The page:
Step 11

Once removed, check the old assembly to the replacement unit, including electrical plug, mounting bolt locations and pulley size to ensure a proper installation. Also count the grooves on each of the pulleys they should be the same.

Step 12

Most lower mounting brackets include a press fit sleeve that must be forced slightly outward to make room for the replacement unit, this step is important because installing the new unit would be very difficult if not impossible without this step.

Step 14

Using a large punch gently or metal bar to hammer the sleeve outward. This can take a little finesse but stay with it because it only needs to be moved a little bit to get the lower bolt installed.

Step 15

Here is a close up shot of what the job should look like when completed, now the lower boss of the housing will slip onto position easily.

Step 16

Gently lower the replacement unit into the engine bay while being carefully not the damage any of the surrounding components such as the radiator. The radiator core is made of thin aluminum and it can be easily damaged which would not make your day if you cause a leak.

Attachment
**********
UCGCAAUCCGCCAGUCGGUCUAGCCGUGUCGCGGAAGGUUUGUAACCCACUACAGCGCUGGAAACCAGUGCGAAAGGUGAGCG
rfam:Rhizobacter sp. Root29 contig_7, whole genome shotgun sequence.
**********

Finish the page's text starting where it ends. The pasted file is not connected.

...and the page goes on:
Step 17

Once the replacement unit is in place reinstall the lower mounting bolt, leave the bolt hand tight until the installation of the upper bolt. If you tighten the lower bolt first the upper bolt might bind which can cause the bolt to strip out.

Step 18

Now hand thread in the upper mounting bolt and tighten, then tighten the lower bolt as well. These bolts need to be snug but don't over tighten which can cause the bolts to strip out especially the upper mounting bolt because it's smaller is size.

Step 19

After the mounting bolts are tightened, reinstall the computer wiring harness that monitors the voltage output along with the rubber weather boot, be sure the connector is free from dirt and grease.

Step 20